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“Living Philosopher” Creating New Research Opportunities for LVC Students
12.11.12 |
The common conception of philosophy in academia is that its students study texts from thinkers that have been dead for centuries. Analyses turn into papers, and papers turn into books. There is little room for new interpretations.

That structure is being challenged at Lebanon Valley College, where Dr. Jeff Robbins, Dr. Bob Valgenti, and Dr. Noelle Vahanian introduced the LVC Symposium on a Living Philosopher this fall.

“The idea was to create a context in which our undergraduate students would learn what it means to do research in philosophy,” Robbins said. “It’s very different than research in the sciences. They’re not accumulating data and working in labs. Instead, they’re reading, thinking thoughts, and presenting papers in the public forum.”

For its first thinker, the group selected Catherine Malabou, whose work is based in neuroscience, psychoanalysis, philosophy, religion, and feminist theory. In the fall, students study Malabou’s work in a course team taught by Robbins and Valgenti. They have already video chatted with Malabou - presenting their interpretations to the philosopher and receiving instant feedback.

"One of the unique and enriching aspects of this course is the fact that it is team taught," said Ashley Ferrari '14, a triple major minoring in philosophy. "Dr. Robbins and Dr. Valgenti balance one another very well while each bringing their own background and specializations to the discussions of Malabou's work."

“We are engaging Malabou's work as if she is the guide who is leading us through this,” Valgenti said. “What has been helpful within the course is that the students have the chance to witness us as instructors grappling with the difficulties of the texts. We disagree at times. We really wanted to use the idea modeling philosophical research for the students to help both our majors and the students coming from other disciplines.”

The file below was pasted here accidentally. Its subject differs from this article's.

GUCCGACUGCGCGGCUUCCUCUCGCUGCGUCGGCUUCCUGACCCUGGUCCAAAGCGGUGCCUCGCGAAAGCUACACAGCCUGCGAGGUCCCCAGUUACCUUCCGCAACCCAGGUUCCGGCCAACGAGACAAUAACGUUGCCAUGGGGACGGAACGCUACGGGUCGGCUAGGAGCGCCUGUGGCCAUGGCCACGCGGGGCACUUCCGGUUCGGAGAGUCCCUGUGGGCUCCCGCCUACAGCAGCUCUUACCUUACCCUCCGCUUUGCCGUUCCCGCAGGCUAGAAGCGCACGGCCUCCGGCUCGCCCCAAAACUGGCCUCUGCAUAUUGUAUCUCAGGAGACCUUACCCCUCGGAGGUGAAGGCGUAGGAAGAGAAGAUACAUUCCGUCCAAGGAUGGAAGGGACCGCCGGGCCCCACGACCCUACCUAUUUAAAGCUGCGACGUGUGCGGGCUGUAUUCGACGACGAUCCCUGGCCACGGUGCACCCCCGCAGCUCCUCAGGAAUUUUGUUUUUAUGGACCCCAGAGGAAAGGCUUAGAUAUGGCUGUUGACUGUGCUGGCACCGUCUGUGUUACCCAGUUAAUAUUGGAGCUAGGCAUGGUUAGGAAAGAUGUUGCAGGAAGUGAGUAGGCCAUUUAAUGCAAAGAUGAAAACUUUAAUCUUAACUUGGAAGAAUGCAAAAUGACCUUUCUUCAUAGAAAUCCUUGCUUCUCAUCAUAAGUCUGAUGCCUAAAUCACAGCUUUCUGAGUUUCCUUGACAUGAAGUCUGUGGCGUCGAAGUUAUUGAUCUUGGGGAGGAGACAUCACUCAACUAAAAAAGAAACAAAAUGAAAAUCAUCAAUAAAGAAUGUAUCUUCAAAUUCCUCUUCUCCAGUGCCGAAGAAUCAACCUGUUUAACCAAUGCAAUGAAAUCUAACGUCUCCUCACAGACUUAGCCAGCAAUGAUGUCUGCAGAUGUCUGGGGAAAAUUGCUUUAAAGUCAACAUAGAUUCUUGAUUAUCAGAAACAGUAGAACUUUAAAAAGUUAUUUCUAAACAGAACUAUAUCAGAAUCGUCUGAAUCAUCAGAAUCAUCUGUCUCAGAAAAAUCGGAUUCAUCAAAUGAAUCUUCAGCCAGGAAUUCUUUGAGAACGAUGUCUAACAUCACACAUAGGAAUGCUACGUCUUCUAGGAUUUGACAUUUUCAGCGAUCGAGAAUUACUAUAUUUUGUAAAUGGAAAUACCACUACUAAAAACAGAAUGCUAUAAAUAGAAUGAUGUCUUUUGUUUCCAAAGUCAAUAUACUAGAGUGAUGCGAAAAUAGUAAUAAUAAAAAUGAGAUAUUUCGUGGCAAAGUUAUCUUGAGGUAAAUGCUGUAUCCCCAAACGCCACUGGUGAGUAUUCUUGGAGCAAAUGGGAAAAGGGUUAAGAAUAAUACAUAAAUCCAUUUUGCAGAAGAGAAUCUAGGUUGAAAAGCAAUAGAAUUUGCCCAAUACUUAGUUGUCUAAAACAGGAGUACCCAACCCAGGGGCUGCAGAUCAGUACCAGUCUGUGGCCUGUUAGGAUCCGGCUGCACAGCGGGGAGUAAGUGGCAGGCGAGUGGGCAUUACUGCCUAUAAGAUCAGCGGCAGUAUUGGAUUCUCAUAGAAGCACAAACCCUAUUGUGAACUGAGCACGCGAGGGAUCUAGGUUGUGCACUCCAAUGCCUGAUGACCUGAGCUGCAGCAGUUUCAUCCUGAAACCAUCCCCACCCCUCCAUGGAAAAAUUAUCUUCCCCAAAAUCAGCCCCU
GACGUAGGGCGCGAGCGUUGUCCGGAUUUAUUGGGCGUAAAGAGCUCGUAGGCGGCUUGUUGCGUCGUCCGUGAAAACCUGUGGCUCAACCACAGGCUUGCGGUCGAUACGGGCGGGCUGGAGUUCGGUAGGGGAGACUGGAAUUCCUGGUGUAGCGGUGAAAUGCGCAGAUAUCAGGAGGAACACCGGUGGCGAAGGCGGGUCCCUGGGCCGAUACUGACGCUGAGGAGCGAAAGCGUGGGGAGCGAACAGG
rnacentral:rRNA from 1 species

The course is designed to attract students from philosophy and other majors. Other majors that typically take upper-level philosophy courses include English, psychology, and science majors, including biology, chemistry, and physics.

Malabou was selected because she connects philosophy to the “hard sciences” through her research on neuroscience.

The course will progress into the spring, when students will study Malabou’s advanced works and take part in several visiting philosopher events. Each student will present their research from their year of work by way of symposium papers to be presented in a public forum attended by Malabou.

“Malabou’s work is unfolding as we speak," Robbins said. “It’s dynamic. It’s alive. It’s developing in response to some of the commentaries and criticisms that have been published. The idea that the students can be involved in this much larger conversation and can be on the ground level, contributing to the emerging views about this very distinguished philosopher – their work can make a real contribution.”

“She is new enough to philosophy to not yet have a canon,” said Anthony Feudale ‘13, another triple major who is studies philosophy and psychology. “In the process of reading her works, as a class, we have the chance to interpret her work free from any real preconceptions. It's an unusual, liberating state of affairs.”

Inspired by a similar course taught at Siena College at which he served as an external scholar, Robbins began to design LVC’s course in 2010 and submitted a proposal during the first wave of Arnold Grant applications. The idea is to create undergraduate research opportunities, thereby emulating graduate-level work. The course was selected in the spring 2011 awards.

"The participating students take a genuine interest in the material, Ferrari said. "From a student perspective, this is very encouraging and motivating to see the interest from my peers. We openly bounce ideas off of one another and collaborate. It is okay if we disagree sometimes because we are working through Malabou's work together."

“Getting to meet with, speak to, and even question the actual author provides a real sense of exploration and creation which is often missing from other courses,” Feudale said. “You get the sense you are truly breaking new ground, and accomplishing actual work in the class. It's exciting.”


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